Claim #5: Christian belief in the trinity of God is compatible with Judaism
The foundation of Christian theology includes belief in the bodily incarnation of G-d, that G-d exists as a Trinity, and that Jesus was a mediator between G-d and man. "Hebrew Christian" missionaries claim that this theology is totally compatible with Judaism.
The Jewish Response
As stated earlier, Judaism maintains that certain beliefs may be permissible for non-Jews, but not for Jews. The Christian theology concerning G-d is one example of a belief that is absolutely forbidden to Jews according to the Hebrew Bible, as the following biblical sources demonstrate:
1) The commandment to believe in G-d's absolute Oneness was given specifically to the children of Israel (the Jewish people), as is stated in the Shema, Deuteronomy 6:4, "Hear O Israel, The Lord our G-d, the Lord is One." The concept expressed in this verse not only refutes the plurality of gods, but also asserts that G-d is the only true existence. Biblically, G-d is not only infinite, but He transcends time, space and matter. G-d has no beginning and no end, as it says in Isaiah 44:6, "I am the first and I am the last and besides Me there is no other." While Judaism believes that G-d manifests Himself to His creation (humanity) in many ways, (i.e. as a judge or a protector) G-d's essence itself is indivisible and therefore without any possibility of distinction. Something that transcends both time and space cannot be described as consisting of three different aspects. The moment we attribute any such distinctions to G-d's essence, we negate His absolute Oneness and unity.6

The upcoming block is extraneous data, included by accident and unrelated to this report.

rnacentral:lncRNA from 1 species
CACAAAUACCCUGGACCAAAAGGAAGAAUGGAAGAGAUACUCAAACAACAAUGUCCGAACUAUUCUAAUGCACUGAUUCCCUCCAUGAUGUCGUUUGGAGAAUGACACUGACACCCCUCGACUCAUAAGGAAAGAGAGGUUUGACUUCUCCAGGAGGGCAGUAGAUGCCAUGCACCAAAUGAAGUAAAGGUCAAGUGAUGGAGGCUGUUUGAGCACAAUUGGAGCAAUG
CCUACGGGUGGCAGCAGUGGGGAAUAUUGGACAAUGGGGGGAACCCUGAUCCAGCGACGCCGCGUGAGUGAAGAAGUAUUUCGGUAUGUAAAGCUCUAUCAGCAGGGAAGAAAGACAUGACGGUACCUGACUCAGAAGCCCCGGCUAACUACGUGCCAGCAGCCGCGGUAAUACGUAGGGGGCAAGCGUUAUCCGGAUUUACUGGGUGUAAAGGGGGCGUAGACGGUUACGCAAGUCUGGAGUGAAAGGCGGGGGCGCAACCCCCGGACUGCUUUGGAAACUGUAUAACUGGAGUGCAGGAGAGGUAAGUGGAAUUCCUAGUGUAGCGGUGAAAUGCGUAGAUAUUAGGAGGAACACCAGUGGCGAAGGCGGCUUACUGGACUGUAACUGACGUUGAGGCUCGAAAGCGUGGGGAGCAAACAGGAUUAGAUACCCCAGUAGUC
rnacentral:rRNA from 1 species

The following verses from the Hebrew Bible, when correctly translated, further substantiate this fundamental and crucial Jewish belief in the Oneness of G-d: "See now that I, even I, am He and there is no god with Me" (Deuteronomy 32:39) and "There is nothing else besides G-d" (Deuteronomy 4:35).
2) Jews are also forbidden to envision that G-d has "any likeness of anything." Deuteronomy 4:15-19 and Deuteronomy 5:8-9 are only some of the many biblical references prohibiting Jews from believing that G-d dwells in bodily form, as claimed in the New Testament.7
3) The prohibition against a mediator is found in the Second Commandment, "You shall have no other gods before Me." (Exodus 20:3) Therefore, the New Testament statement in John 14:6, that "No one comes to the Father, but through Me [Jesus]" is not acceptable to Jews. Even if he or she considers something to be a part of G-d, a Jew is not permitted to use it as a mediator. The Torah teaches that each person is capable of connecting with G-d directly.
These Christian beliefs, which have their roots in ancient paganism, have been the basis for the Jewish rejection of Christianity -- even on pain of death -- for the last 2,000 years. Historically, Jews have always understood that conversion would mean severing their relationship with G-d as described in the Torah.